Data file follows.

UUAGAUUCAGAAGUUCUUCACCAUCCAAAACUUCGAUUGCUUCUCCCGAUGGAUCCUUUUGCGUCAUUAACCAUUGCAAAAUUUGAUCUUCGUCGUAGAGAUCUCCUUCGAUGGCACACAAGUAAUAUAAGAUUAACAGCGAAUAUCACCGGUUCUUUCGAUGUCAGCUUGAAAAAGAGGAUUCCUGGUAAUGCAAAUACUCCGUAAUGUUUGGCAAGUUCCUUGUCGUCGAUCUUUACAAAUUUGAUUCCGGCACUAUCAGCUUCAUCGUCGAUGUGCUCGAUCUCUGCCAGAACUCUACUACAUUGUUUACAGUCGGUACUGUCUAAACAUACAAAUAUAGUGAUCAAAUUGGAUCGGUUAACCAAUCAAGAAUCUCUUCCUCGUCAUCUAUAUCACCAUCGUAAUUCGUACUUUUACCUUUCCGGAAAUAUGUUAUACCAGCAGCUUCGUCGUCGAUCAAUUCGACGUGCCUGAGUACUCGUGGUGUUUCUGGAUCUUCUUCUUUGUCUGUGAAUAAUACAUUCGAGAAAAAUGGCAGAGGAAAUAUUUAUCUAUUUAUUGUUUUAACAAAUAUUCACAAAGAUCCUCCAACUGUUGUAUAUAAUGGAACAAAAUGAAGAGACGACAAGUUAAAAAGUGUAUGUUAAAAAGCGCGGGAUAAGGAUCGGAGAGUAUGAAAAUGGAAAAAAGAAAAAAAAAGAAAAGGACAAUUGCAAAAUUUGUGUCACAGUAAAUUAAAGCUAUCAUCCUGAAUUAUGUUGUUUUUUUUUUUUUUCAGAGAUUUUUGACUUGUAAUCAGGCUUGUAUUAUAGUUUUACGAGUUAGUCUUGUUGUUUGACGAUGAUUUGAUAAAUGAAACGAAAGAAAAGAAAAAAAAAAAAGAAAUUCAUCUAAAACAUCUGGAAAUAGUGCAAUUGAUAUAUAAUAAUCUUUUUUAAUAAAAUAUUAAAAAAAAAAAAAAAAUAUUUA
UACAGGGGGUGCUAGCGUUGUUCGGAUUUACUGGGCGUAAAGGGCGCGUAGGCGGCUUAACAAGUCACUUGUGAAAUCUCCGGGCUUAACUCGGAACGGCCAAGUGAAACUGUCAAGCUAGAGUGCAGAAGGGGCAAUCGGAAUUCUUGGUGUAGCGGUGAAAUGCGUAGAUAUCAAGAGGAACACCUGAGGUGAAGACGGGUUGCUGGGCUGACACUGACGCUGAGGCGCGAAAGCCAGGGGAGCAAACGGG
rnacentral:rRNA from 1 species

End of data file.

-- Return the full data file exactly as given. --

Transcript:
UUAGAUUCAGAAGUUCUUCACCAUCCAAAACUUCGAUUGCUUCUCCCGAUGGAUCCUUUUGCGUCAUUAACCAUUGCAAAAUUUGAUCUUCGUCGUAGAGAUCUCCUUCGAUGGCACACAAGUAAUAUAAGAUUAACAGCGAAUAUCACCGGUUCUUUCGAUGUCAGCUUGAAAAAGAGGAUUCCUGGUAAUGCAAAUACUCCGUAAUGUUUGGCAAGUUCCUUGUCGUCGAUCUUUACAAAUUUGAUUCCGGCACUAUCAGCUUCAUCGUCGAUGUGCUCGAUCUCUGCCAGAACUCUACUACAUUGUUUACAGUCGGUACUGUCUAAACAUACAAAUAUAGUGAUCAAAUUGGAUCGGUUAACCAAUCAAGAAUCUCUUCCUCGUCAUCUAUAUCACCAUCGUAAUUCGUACUUUUACCUUUCCGGAAAUAUGUUAUACCAGCAGCUUCGUCGUCGAUCAAUUCGACGUGCCUGAGUACUCGUGGUGUUUCUGGAUCUUCUUCUUUGUCUGUGAAUAAUACAUUCGAGAAAAAUGGCAGAGGAAAUAUUUAUCUAUUUAUUGUUUUAACAAAUAUUCACAAAGAUCCUCCAACUGUUGUAUAUAAUGGAACAAAAUGAAGAGACGACAAGUUAAAAAGUGUAUGUUAAAAAGCGCGGGAUAAGGAUCGGAGAGUAUGAAAAUGGAAAAAAGAAAAAAAAAGAAAAGGACAAUUGCAAAAUUUGUGUCACAGUAAAUUAAAGCUAUCAUCCUGAAUUAUGUUGUUUUUUUUUUUUUUCAGAGAUUUUUGACUUGUAAUCAGGCUUGUAUUAUAGUUUUACGAGUUAGUCUUGUUGUUUGACGAUGAUUUGAUAAAUGAAACGAAAGAAAAGAAAAAAAAAAAAGAAAUUCAUCUAAAACAUCUGGAAAUAGUGCAAUUGAUAUAUAAUAAUCUUUUUUAAUAAAAUAUUAAAAAAAAAAAAAAAAUAUUUA
UACAGGGGGUGCUAGCGUUGUUCGGAUUUACUGGGCGUAAAGGGCGCGUAGGCGGCUUAACAAGUCACUUGUGAAAUCUCCGGGCUUAACUCGGAACGGCCAAGUGAAACUGUCAAGCUAGAGUGCAGAAGGGGCAAUCGGAAUUCUUGGUGUAGCGGUGAAAUGCGUAGAUAUCAAGAGGAACACCUGAGGUGAAGACGGGUUGCUGGGCUGACACUGACGCUGAGGCGCGAAAGCCAGGGGAGCAAACGGG
rnacentral:rRNA from 1 species